Tuesday, September 30, 2014

Posted by Laurel Garver on Tuesday, September 30, 2014 22 comments
Because I'm an editor who writes, people frequently ask whether I edit my own work and if so, how.

Like most of you, I believe every writer should do some self-editing to ensure a piece is the best you can make it before seeking feedback from others. (I also believe that other eyes are essential, and that self-editing alone will generally not result in a manuscript that it is the best it can be. But that's a topic for another post.)

And like most of you, I also lean on expertise when I'm unsure of a rule: "when in doubt, look it up" is a core motto for editors everywhere. Below are a few favorite resources that I regularly turn to for help with micro issues--sentence-level editing.

Self-Editing for Fiction Writers


I sometimes call this book by Renni Browne and Dave King "a portable MFA." It offers some of the best insights I've come across to make your work not simply clean, but also polished and sophisticated. In fact, one of the most helpful chapters is titled "Sophistication." In it, Browne and King identify a handful of small changes that can make passages sound far more professional: avoiding "as" and "-ing" constructions (which place action at a remove from your reader), ferreting out weak verbs, paring back exclamation points and italics for emphasis, placing literary devices appropriately, and removing unnecessary repetition.

Their insights on proportion--giving actions, characters, devices, scenes only as much page time as is justified--are extremely helpful, especially when you're approaching revision and not sure where to start. When it comes to honing your narrative voice, the authors not only show how to improve, but also explain why some techniques are so effective. If you've always wanted to do deeper point-of-view writing but aren't quite sure how to pull it off, Browne and King's chapters on "Point of View," "Interior Monologue," "See How It Sounds," and "Characterization and Exposition" will guide you expertly.

Browne and King also cover some core revision concerns including show/tell balance, consistent point of view, and well paced dialogue.


Woe Is I


Subtitled "A Grammarphobe's Guide to Better English in Plain English," Patricia O'Conner's guide to basic grammar rules is, well, a lot more fun than you ever dreamed grammar could be. Her pun-filled chapter titles, like "Plurals Before Swine" and "Comma Sutra," lead chapters of no-nonsense advice full of funny examples and witty word play. Her special section called "mixed doubles" on homophones and other commonly switched pairings inspired my "Phonics Friday" series on homophone helps (which I hope are even a fraction as funny as O'Conner's chapter).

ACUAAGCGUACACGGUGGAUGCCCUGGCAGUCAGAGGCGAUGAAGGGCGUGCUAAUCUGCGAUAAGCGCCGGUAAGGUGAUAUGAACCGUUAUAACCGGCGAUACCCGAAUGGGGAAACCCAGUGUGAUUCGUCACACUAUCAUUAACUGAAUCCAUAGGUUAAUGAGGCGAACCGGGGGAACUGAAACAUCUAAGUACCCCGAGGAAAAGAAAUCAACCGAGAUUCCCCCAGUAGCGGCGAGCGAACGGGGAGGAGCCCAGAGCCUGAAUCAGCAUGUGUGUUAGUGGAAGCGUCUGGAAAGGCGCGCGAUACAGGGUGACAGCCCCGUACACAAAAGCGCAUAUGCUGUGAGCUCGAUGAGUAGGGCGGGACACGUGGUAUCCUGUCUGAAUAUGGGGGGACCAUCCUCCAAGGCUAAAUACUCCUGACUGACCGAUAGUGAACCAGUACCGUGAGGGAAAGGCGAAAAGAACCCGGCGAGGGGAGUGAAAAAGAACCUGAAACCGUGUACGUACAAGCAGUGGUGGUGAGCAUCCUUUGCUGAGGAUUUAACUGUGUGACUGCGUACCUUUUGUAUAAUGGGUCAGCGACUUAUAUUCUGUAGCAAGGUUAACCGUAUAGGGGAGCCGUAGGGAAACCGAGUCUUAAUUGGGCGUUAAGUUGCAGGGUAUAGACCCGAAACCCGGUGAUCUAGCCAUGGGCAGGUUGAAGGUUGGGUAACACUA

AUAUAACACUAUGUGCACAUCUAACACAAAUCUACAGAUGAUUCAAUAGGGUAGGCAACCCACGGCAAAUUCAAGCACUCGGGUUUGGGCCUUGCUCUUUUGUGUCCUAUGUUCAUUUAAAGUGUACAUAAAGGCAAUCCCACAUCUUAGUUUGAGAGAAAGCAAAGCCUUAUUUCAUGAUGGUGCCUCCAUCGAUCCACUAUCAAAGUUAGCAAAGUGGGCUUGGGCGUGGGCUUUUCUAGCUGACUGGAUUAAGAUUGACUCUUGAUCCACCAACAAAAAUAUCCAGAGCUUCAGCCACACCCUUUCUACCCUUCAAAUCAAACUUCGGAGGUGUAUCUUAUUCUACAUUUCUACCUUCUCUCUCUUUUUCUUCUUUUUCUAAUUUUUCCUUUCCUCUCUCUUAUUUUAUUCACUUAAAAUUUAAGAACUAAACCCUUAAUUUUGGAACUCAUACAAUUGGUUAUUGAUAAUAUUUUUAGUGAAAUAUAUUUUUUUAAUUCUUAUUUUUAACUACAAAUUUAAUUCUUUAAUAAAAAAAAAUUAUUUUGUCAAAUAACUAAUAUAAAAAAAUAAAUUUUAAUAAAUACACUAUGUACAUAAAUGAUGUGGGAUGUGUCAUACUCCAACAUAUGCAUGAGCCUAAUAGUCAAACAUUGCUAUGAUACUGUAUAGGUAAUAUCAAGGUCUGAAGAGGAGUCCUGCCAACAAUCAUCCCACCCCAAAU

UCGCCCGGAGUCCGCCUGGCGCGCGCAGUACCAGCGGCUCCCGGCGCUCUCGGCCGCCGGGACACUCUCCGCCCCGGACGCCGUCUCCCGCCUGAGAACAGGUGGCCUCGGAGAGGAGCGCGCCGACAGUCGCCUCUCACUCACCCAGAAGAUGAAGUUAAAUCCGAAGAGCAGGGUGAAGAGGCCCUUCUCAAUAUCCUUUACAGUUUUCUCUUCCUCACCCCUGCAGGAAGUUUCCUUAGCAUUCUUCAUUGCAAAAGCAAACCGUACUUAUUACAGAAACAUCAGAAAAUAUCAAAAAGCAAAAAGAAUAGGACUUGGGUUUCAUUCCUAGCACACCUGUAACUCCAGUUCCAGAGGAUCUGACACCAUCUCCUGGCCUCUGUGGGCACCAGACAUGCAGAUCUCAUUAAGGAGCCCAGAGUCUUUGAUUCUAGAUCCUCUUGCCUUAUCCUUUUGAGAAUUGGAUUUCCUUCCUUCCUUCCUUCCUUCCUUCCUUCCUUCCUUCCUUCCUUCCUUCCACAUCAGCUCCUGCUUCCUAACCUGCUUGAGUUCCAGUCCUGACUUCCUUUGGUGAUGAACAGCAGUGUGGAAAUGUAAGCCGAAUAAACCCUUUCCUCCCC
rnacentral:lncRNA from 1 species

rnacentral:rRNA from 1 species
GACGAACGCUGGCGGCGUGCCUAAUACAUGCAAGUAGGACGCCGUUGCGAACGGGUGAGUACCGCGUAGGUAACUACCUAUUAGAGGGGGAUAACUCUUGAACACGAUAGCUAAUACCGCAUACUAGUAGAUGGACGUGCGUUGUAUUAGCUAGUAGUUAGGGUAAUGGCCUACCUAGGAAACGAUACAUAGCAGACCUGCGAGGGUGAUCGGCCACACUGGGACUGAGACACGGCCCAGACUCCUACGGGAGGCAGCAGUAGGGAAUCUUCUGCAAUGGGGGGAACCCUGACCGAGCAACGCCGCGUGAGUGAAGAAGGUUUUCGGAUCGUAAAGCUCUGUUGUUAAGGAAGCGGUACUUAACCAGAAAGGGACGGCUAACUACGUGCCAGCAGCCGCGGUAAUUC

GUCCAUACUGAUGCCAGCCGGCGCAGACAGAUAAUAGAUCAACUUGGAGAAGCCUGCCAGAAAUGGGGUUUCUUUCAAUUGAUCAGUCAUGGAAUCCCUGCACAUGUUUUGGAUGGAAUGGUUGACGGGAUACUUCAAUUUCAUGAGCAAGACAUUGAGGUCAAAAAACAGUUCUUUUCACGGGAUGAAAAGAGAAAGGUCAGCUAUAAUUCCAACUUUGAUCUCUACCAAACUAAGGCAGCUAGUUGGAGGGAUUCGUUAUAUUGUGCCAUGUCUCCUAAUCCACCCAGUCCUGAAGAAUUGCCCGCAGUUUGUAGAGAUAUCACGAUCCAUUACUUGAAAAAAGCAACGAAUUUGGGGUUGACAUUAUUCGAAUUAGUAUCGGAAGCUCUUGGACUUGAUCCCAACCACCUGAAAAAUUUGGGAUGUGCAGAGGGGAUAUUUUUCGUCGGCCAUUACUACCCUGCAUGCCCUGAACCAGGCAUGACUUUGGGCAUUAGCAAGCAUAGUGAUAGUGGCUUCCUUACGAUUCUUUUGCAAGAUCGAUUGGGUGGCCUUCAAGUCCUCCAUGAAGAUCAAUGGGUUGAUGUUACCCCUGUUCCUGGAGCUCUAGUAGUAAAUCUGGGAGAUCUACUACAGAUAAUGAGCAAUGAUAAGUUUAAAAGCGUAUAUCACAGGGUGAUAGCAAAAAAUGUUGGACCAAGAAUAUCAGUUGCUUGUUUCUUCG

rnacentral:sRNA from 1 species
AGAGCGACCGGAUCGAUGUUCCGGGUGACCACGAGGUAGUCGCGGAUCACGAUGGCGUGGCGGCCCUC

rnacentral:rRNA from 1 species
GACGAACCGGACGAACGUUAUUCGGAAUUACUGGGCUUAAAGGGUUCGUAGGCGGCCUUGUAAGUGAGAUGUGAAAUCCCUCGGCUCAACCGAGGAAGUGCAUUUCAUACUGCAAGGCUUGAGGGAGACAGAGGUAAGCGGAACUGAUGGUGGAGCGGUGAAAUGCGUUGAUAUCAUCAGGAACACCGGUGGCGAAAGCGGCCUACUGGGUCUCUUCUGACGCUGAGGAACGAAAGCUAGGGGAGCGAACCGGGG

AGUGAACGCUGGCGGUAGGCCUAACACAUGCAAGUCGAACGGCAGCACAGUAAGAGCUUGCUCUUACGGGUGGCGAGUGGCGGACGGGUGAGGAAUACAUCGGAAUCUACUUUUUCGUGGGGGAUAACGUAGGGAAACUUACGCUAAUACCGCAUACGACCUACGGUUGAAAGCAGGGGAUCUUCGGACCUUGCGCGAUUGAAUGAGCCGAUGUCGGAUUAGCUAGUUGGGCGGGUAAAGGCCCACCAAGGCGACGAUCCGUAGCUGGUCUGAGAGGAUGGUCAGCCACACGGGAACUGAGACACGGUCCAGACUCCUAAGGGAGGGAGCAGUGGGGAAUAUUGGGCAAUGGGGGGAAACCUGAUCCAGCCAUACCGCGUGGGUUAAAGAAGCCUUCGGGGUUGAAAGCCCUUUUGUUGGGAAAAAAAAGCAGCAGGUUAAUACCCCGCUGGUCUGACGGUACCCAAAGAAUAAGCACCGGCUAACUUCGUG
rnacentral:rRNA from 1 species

The material is grouped topically, though there's an excellent index if you need to find guidance on a particular grammar bugaboo. In addition to covering all the basics, from pronoun use, plurals, and possessives to verb tenses, modifiers, and punctuation, the book has several helpful chapters on frequently misused words and outdated grammar rules that need to be buried with that persnickety snob John Dryden and his ilk. And she clearly knows the sources of every outdated rule and why it needs to die--evidence aplenty to silence your uptight uncle who refuses to watch Star Trek because each episode opens with  Capt. Kirk saying "to boldly go" rather than "boldly to go" (the bogus split infinitive rule).

If you are a grammarphobe, this is one grammar book that will leave you giggling, not whimpering.



What resources have you found helpful for sentence-level editing?

22 comments:

  1. I'm a grammar-phile rather than -phobe, but the title of the third book has me giggling. :)
    Thanks for the recommendations, Laurel!

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    1. I'm a grammarphile too, which is why I love O'Conner's book so much. It's wonderfully snarky and hilarious, instead of dry and boring. :-)